Some of these direct arrangements sure look like salary arrangements, even if nominally structured as payment for their endorsements:

Dan Morgan, an Orlando-based lawyer and NBA agent who has also served as an adviser for college athletes, says he’s already learned about schools strongly encouraging their boosters to purchase their athletes’ Cameo spots or buy apparel.

But there are bigger plans afoot: Remember the Miami gym owner promising to give each Hurricanes player $500? That deal alone has already rattled enough cages that one industry executive expects supporters of other programs to return fire. He says boosters elsewhere have suggested paying their schools’ athletes not $500 monthly, but $5,000. Already, Built Brands, a protein bar company in Utah, offered $1,000 annual endorsement deals to each BYU scholarship football player, while also striking deals with walk-ons for amounts that cover their tuition.

The man behind the Miami gym offer, Dan Lambert, has also started a company whose sole purpose is raising money from fans—say through a ticketed party or event—and then donating that money to local businesses willing to use it to hire Miami athletes as endorsers. And if Lambert’s new company proves successful, it is sure to inspire others. His plan seems to be in accordance with Florida’s NIL law, and he says he cleared it with Miami.

“What’s the downside in being aggressive here?” McMillen asks. “You can speed down the highway and not get pulled over.”

One agent told Sports Illustrated that he has advised his coaching clients to facilitate NIL contracts for athletes and recruits with local businesses. That technically could run afoul of the NCAA guidelines, but who’s to stop them?

What Is To Be Done?

The combination of vague NCAA rules and the amount of money at stake is leading to a free-for-all. The NCAA has asked Congress to try to level the playing field and create one uniform national system, so that the differences in state legal regimes don’t have a bearing on recruitment or competition.

As Politico tells the story in Major college sports are under siege and they want K Street to save them, the college sports industry has turned to K Street lobbyists for help in getting its concerns enshrined in legislation. Unlike the Sports Illustrated story, the Politico account doesn’t delve into explaining how colleges have quickly adapted to exploit the new rules to advantage. In fact, Politico suggests that the college sports industry seeks to overturn the new patchwork state NIL regime outright. That, to say the least, I think is highly unlikely, especially given what Sports Illustrated has reported.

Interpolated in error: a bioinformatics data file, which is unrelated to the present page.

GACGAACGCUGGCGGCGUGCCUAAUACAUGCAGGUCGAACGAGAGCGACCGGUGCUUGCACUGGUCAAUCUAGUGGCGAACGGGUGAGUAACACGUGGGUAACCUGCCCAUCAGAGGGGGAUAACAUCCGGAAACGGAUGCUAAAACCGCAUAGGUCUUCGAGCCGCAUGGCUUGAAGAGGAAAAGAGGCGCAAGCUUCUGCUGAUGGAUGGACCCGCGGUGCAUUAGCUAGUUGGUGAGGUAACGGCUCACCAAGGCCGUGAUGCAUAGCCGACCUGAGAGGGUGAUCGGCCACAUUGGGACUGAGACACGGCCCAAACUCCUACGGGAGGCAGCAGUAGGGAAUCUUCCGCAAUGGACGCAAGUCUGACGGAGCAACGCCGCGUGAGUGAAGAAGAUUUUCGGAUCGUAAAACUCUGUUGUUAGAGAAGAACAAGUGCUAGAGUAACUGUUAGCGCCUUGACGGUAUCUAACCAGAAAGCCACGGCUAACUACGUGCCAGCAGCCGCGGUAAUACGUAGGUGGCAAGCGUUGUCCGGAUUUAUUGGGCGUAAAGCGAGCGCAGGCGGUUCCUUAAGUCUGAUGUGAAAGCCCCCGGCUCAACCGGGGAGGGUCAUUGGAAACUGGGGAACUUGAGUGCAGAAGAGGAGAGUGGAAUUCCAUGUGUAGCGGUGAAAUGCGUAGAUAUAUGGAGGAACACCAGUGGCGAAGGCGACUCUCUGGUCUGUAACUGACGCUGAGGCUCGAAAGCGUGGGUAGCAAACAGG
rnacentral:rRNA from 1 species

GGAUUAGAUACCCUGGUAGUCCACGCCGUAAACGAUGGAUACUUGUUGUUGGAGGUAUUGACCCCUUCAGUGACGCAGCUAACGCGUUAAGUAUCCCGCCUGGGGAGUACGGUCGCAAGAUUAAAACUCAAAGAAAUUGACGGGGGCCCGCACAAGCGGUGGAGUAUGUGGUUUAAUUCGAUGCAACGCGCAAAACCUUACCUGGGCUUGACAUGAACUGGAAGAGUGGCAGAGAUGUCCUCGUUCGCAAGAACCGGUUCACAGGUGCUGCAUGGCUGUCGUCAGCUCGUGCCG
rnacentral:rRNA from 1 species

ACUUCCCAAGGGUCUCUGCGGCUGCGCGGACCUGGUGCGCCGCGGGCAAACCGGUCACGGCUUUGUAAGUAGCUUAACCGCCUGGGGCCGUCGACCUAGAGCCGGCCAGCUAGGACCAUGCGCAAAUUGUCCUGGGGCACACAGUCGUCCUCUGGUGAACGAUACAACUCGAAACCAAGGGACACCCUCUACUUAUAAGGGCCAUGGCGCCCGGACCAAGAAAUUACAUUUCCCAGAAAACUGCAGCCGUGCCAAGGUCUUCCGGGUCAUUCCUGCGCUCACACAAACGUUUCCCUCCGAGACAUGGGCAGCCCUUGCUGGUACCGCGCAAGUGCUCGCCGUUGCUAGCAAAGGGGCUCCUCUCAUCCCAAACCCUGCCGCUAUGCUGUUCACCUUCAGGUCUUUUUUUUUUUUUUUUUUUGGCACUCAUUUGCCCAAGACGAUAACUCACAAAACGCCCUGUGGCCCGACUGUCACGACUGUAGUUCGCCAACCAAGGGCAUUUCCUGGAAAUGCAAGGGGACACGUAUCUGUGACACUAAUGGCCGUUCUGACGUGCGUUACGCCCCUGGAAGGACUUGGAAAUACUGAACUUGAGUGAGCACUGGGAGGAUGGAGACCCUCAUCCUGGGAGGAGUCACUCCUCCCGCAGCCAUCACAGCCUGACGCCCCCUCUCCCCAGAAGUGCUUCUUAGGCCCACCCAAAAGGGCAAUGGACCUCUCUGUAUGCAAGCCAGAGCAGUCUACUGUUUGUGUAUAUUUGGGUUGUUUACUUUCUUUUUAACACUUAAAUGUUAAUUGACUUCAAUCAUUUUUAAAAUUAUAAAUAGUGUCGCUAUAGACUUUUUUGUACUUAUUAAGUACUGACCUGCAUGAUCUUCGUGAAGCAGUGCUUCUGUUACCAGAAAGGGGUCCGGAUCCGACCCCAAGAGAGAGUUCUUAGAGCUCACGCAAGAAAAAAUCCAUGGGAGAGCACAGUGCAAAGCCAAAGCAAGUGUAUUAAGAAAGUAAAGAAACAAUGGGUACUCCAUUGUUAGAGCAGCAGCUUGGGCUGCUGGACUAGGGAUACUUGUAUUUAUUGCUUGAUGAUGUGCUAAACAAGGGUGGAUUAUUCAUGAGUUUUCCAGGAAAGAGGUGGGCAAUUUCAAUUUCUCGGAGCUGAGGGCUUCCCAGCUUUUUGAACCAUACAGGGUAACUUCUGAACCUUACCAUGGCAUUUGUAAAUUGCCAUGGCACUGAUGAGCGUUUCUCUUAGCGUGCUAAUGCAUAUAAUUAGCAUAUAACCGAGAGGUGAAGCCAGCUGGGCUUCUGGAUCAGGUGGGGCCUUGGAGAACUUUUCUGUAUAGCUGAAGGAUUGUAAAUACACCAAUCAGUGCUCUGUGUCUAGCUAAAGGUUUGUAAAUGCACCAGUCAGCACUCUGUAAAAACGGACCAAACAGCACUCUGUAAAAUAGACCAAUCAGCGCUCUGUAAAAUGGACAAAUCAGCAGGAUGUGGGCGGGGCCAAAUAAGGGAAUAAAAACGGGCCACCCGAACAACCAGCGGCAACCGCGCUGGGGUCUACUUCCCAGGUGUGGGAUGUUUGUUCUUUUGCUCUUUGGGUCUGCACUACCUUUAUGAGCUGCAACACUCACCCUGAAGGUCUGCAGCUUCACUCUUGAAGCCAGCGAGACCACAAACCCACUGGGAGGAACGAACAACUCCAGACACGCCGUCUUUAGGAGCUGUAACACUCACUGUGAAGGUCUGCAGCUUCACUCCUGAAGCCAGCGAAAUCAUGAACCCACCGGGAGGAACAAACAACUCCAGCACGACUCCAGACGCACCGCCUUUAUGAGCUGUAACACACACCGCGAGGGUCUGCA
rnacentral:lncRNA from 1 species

Yet some other key concerns Politico spotlighted are worth exploring, especially the college sports industry’s efforts to shut down potential legal liability:

In conversations on the Hill, [the NCAA and its large and powerful athletic conferences] sought to limit their liability from future lawsuits that could result from congressional action. Those who have worked in this space say it is among the most significant — and potentially perilous — moments for major college sports in a century.

The legal liability concern is more than a theoretical one. Recall that in June the Supreme Court handed down a unanimous ruling against the NCAA (see my post, Supreme Court Rules 9-0 Against NCAA, Opening Door to Further Antitrust Challenges of Student-Athlete Compensation Bans).

According to Politico:

The fear of potential litigation has become more acute in recent months. The practical implication of the Supreme Court decision in June was that the NCAA could not limit in kind education-related benefits for players, like laptops or a study abroad program. But the case also created “an open invitation and in some ways a roadmap to future plaintiffs to bring antitrust suits against the NCAA,” said Gabe Feldman, an expert in sports law at Tulane University.